• Clinical science

Poisoning

Abstract

Poisoning occurs when a substance that is inhaled, ingested, or absorbed through the skin has harmful or even deadly effects on normal body function. The type of poison, the amount taken, and the size and age of the individual involved are all factors in determining if a substance is actually harmful. In fact, many substances that are commonly thought of as harmless, including water and most vitamins, can be harmful if taken in excess. This learning card will focus on poisoning by several specific substances: organophosphates, cyanide, ethylene glycol and methanol, laundry and cleaning products, mushrooms and plants, and carbon monoxide and carbon dioxide. If poisoning is suspected, Poison Control (available 24/7 at 1-800-222-1222) should be contacted immediately to obtain information from poison specialists regarding management. If the poisonous substance is not known, the patient's case history together with clinical findings may help determine the causative agent, which is important for selection of a proper antidote (if available).

Poisoning due to overdose of pharmaceutical drugs is covered in learning cards dedicated to the specific drug, e.g., benzodiazepine overdose, anticholinergic poisoning, opioid intoxication, beta blocker poisoning. For intoxication with illegal drugs (e.g., cocaine, phencyclidine), see the learning card on substance use disorders.

Overview of antidotes

If further expert help is required: call Poison Control

  • Available 24/7 at 1-800-222-1222

Table of toxins and their specific antidotes/treatments

Drug/Toxin Toxicity Antidote/treatment and mechanism
Acetaminophen Hepatotoxicity → liver failure (see acetaminophen overdose) N-acetylcysteine: restores depleted hepatic glutathione
Amphetamines Indirect sympathomimetic effecthypertension, tachycardia, fever, cardiac arrest, and seizure Ammonium chloride: urine acidification
AChE inhibitors, organophosphates (parathion, E605) Cholinergic excess“DUMBBELSS” (see →Organophosphates) Atropine, pralidoxime (2-PAM): Reduction of parasympathetic effect

Antimuscarinic/anticholinergic agents

Anticholinergic excess → “Red as a beet, dry as a bone, hot as a hare, blind as a bat, mad as a hatter” (see anticholinergic syndrome)

Physostigmine : AChE inhibitor → elevated ACh levels

Barbiturates Efficacy of GABA CNS depression Sodium bicarbonate: urine alkalinization
Benzodiazepines Potency of GABA CNS depression Flumazenil: reversible, competitive antagonist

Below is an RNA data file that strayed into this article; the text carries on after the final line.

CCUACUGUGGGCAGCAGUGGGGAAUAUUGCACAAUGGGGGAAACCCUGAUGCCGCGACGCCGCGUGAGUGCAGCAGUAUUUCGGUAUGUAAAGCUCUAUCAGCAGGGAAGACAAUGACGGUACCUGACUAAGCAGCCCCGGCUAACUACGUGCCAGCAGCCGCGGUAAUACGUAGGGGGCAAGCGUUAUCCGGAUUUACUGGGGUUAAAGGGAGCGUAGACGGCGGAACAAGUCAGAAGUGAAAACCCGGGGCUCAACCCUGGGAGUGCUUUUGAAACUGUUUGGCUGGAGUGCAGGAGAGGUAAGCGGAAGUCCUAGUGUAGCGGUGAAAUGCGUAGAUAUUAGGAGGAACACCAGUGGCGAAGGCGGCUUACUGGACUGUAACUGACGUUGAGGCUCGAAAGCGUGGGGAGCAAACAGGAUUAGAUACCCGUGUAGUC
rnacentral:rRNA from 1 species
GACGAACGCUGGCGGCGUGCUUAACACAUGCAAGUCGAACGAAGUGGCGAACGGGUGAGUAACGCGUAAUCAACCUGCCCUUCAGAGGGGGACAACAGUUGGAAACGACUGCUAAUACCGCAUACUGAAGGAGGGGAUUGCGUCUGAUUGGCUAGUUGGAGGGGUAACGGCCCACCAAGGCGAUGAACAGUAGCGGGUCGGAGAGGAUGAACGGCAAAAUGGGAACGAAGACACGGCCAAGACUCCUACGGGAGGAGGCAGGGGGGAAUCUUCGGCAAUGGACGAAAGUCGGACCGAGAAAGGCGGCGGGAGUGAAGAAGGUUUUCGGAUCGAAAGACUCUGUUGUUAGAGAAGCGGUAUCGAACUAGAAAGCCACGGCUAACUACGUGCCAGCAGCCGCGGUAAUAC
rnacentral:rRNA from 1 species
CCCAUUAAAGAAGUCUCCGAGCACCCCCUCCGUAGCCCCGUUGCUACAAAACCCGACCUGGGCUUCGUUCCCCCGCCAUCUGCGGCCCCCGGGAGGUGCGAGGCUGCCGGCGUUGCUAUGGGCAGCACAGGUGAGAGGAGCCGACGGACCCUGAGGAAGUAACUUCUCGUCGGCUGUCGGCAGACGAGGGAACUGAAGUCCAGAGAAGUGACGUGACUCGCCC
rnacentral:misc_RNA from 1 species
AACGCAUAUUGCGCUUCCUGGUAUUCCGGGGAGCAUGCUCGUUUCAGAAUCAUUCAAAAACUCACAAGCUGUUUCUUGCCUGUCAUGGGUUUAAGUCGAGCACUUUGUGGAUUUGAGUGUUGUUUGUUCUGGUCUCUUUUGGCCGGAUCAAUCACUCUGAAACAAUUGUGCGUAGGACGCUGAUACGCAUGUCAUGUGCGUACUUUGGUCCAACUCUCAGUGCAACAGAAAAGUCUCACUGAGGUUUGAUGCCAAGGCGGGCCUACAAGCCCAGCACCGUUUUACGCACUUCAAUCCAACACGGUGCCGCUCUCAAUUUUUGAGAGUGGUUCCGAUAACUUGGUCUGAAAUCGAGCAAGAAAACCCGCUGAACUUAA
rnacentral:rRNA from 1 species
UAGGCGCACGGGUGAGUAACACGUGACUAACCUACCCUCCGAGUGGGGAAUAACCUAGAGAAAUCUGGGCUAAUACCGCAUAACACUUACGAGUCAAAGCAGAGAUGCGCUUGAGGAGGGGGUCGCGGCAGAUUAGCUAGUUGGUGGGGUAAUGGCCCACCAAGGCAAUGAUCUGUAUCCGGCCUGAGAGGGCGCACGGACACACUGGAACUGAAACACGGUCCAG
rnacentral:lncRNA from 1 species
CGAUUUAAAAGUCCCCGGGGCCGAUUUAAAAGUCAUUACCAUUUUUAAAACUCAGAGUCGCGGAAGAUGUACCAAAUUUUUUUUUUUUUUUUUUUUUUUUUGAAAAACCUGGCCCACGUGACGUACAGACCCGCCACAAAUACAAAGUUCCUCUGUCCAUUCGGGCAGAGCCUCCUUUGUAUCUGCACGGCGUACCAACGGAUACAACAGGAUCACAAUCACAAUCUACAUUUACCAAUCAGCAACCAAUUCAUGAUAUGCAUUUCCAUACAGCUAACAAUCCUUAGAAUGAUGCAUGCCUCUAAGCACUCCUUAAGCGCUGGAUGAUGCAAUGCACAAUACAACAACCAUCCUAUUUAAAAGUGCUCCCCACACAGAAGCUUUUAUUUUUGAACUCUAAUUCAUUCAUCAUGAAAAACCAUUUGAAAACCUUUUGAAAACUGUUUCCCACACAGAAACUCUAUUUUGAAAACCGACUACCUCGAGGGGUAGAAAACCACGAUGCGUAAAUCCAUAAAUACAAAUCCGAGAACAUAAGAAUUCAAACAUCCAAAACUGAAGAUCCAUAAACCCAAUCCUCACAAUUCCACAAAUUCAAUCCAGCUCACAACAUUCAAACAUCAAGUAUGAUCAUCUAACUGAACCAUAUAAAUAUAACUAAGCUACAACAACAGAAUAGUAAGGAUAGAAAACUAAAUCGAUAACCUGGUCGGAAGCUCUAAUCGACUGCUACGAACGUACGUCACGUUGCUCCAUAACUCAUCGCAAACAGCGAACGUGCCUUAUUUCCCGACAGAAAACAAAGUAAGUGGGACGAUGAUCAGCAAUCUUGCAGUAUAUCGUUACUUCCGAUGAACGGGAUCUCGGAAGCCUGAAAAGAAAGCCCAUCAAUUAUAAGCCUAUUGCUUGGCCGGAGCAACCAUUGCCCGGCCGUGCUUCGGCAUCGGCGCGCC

Beta blockers Bradycardia, hypotension, mental status changes, seizure, hypoglycemia, bronchospasm Glucagon : ↑ cardiac contractility
Carbon dioxide Tachycardia, cardiac arrhythmias, impaired consciousness, coma (see carbon dioxide) Oxygen and supportive care
Carbon monoxide Somnolence, agitation, cherry-red” skin tone, coma (see carbon monoxide) 100% oxygen, hyperbaric oxygen
Cyanide

Confusion, seizures, coma, cardiac arrhythmias, respiratory failure (see cyanide poisoning)

  • Cyanide-binding agent (hydroxycobalamin)
  • Methemoglobin-forming agent
  • Sulfur donor (sodium thiosulfate)
Digitalis Changes in vision , nausea, vomiting, cardiac arrhythmias Anti-digitalis Fab
Methanol, ethylene glycol (antifreeze)

Altered mental status, seizures, dyspnea, anion gap metabolic acidosis (see ethylene glycol poisoning and methanol poisoning)

Fomepizole, ethanol

Heparin Bleeding Protamine sulfate: complex formation with heparin
Metals Findings depend on specific metal poisoning Arsenic, mercury, gold: dimercaprol, succimer → chelation
Copper, arsenic, gold: penicillamine → chelation
Iron: deferoxamine (“De-Fe-roximine”) → chelation
Lead: EDTA, succimer, dimercaprol → chelation
Methemoglobin Cyanosis, respiratory depression, coma, seizures Methylene blue, vitamin C
Opioids

Altered mental status, respiratory depression, pupillary miosis

Naloxone, naltrexone: opioid antagonists
Salicylates Tinnitus, vertigo, nausea, diarrhea, hyperventilation, arrhythmia Sodium bicarbonate , dialysis, activated charcoal
Streptokinase, urokinase, recombinant tPA Bleeding Aminocaproic acid: plasmin inhibition
Tricyclic antidepressants 3 Cs: convulsions, coma, cardiotoxicity (long QT); anticholinergic side effects

Sodium bicarbonate (plasma alkalization ) for cardiac toxicity

Benzodiazepines for seizures

Warfarin Bleeding Vitamin K (delayed antidote), FFP (immediate antidote)

Activated charcoal is ineffective in the treatment of heavy metal toxicity (e.g., mercury, lead), lithium, acids, bases, and toxic alcohols such as methanol.

References:[1][2][2][3][4][5][6][7][8][9][10]

Organophosphates

Always mind your own safety (neoprene gloves, gown, and charcoal cartridge mask), remove contaminated clothes, and wash contaminated skin!

The greatest danger in organophosphate poisoning is respiratory failure!

DUMBBELSS for the clinical features of organophosphate poisoning = Diarrhea, Urination, Miosis, Bronchospasm and Bradycardia, Neuromuscular Excitation, Lacrimation, Sweating and Salivation!

References:[2][11]

Cyanides

Consider cyanide poisoning in a patient with chronic renal failure who has very recently undergone treatment for a hypertensive emergency and is now presenting with altered mental status and lactic acidosis!

References:[2][7][12][13][14]

Ethylene glycol, methanol and isopropyl alcohol

Ethylene glycol